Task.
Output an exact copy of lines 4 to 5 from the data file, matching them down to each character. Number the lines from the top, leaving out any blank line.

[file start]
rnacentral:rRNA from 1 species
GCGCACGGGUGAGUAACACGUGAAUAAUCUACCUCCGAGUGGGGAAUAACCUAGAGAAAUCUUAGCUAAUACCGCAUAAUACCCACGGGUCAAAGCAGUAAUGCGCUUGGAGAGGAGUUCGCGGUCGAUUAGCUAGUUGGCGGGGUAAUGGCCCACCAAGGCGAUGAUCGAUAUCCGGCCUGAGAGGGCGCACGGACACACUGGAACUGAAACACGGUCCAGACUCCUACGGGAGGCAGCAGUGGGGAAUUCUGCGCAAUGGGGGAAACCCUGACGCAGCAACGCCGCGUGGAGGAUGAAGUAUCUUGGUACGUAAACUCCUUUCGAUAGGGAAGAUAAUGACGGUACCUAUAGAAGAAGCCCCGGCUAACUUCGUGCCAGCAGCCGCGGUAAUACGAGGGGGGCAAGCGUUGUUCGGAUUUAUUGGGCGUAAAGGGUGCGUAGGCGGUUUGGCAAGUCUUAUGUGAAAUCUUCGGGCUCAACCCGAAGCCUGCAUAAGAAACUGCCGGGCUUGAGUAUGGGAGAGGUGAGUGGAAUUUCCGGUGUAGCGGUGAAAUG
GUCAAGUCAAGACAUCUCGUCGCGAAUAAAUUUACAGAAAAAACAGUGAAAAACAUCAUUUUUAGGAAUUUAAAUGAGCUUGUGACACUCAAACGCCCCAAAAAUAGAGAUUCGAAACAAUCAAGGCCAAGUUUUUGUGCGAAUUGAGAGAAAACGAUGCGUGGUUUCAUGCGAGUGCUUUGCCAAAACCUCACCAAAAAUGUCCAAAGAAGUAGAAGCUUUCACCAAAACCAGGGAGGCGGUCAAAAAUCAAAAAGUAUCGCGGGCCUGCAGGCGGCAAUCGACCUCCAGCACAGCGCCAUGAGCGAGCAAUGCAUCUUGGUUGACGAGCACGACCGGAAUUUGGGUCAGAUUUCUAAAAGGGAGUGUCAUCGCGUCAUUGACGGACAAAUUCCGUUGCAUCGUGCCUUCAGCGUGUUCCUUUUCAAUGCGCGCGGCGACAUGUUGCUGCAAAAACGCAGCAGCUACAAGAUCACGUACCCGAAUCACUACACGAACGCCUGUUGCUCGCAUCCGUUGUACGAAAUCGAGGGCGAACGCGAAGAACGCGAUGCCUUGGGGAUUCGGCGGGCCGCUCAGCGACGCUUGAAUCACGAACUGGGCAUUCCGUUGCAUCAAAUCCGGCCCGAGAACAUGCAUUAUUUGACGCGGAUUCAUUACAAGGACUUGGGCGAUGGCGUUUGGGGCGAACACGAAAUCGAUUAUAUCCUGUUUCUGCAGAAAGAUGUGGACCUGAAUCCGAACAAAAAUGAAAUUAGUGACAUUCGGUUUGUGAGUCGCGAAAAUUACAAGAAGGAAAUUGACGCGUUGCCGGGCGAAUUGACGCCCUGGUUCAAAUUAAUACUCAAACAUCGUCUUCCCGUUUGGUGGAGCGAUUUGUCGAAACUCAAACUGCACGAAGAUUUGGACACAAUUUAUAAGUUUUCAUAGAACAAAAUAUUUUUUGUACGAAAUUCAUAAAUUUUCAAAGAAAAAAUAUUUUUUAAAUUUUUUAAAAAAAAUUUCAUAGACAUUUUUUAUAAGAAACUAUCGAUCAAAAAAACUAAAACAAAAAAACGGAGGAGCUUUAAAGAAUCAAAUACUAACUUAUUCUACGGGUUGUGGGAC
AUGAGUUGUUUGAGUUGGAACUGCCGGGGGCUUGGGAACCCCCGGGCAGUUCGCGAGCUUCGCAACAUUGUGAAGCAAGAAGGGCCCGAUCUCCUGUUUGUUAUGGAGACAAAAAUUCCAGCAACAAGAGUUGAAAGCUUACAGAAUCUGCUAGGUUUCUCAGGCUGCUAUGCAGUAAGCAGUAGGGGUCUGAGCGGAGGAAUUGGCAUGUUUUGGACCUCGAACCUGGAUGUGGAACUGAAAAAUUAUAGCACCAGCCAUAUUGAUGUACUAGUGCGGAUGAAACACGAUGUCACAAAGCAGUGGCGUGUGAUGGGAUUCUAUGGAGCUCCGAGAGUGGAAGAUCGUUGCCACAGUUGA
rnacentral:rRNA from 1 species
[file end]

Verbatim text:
AUGAGUUGUUUGAGUUGGAACUGCCGGGGGCUUGGGAACCCCCGGGCAGUUCGCGAGCUUCGCAACAUUGUGAAGCAAGAAGGGCCCGAUCUCCUGUUUGUUAUGGAGACAAAAAUUCCAGCAACAAGAGUUGAAAGCUUACAGAAUCUGCUAGGUUUCUCAGGCUGCUAUGCAGUAAGCAGUAGGGGUCUGAGCGGAGGAAUUGGCAUGUUUUGGACCUCGAACCUGGAUGUGGAACUGAAAAAUUAUAGCACCAGCCAUAUUGAUGUACUAGUGCGGAUGAAACACGAUGUCACAAAGCAGUGGCGUGUGAUGGGAUUCUAUGGAGCUCCGAGAGUGGAAGAUCGUUGCCACAGUUGA
rnacentral:rRNA from 1 species